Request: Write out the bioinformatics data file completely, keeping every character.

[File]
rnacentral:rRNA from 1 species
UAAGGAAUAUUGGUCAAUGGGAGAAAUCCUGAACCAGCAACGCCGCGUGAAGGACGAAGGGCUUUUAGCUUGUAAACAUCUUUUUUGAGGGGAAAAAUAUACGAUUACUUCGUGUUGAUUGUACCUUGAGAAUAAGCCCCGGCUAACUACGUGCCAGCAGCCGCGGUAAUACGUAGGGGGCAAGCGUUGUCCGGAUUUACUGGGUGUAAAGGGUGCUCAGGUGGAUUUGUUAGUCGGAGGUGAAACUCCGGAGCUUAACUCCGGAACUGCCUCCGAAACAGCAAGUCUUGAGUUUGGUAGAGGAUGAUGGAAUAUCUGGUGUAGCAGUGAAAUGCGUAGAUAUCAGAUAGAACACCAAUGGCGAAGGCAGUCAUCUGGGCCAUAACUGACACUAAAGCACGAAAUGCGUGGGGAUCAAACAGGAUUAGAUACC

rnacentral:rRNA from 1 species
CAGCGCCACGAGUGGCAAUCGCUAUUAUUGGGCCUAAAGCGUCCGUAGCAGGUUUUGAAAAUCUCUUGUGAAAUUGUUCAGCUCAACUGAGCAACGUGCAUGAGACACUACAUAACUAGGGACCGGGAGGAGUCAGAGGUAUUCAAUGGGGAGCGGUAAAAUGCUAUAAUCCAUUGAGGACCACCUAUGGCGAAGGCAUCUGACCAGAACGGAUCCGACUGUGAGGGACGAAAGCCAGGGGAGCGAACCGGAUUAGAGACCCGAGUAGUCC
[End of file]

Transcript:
rnacentral:rRNA from 1 species
UAAGGAAUAUUGGUCAAUGGGAGAAAUCCUGAACCAGCAACGCCGCGUGAAGGACGAAGGGCUUUUAGCUUGUAAACAUCUUUUUUGAGGGGAAAAAUAUACGAUUACUUCGUGUUGAUUGUACCUUGAGAAUAAGCCCCGGCUAACUACGUGCCAGCAGCCGCGGUAAUACGUAGGGGGCAAGCGUUGUCCGGAUUUACUGGGUGUAAAGGGUGCUCAGGUGGAUUUGUUAGUCGGAGGUGAAACUCCGGAGCUUAACUCCGGAACUGCCUCCGAAACAGCAAGUCUUGAGUUUGGUAGAGGAUGAUGGAAUAUCUGGUGUAGCAGUGAAAUGCGUAGAUAUCAGAUAGAACACCAAUGGCGAAGGCAGUCAUCUGGGCCAUAACUGACACUAAAGCACGAAAUGCGUGGGGAUCAAACAGGAUUAGAUACC

rnacentral:rRNA from 1 species
CAGCGCCACGAGUGGCAAUCGCUAUUAUUGGGCCUAAAGCGUCCGUAGCAGGUUUUGAAAAUCUCUUGUGAAAUUGUUCAGCUCAACUGAGCAACGUGCAUGAGACACUACAUAACUAGGGACCGGGAGGAGUCAGAGGUAUUCAAUGGGGAGCGGUAAAAUGCUAUAAUCCAUUGAGGACCACCUAUGGCGAAGGCAUCUGACCAGAACGGAUCCGACUGUGAGGGACGAAAGCCAGGGGAGCGAACCGGAUUAGAGACCCGAGUAGUCC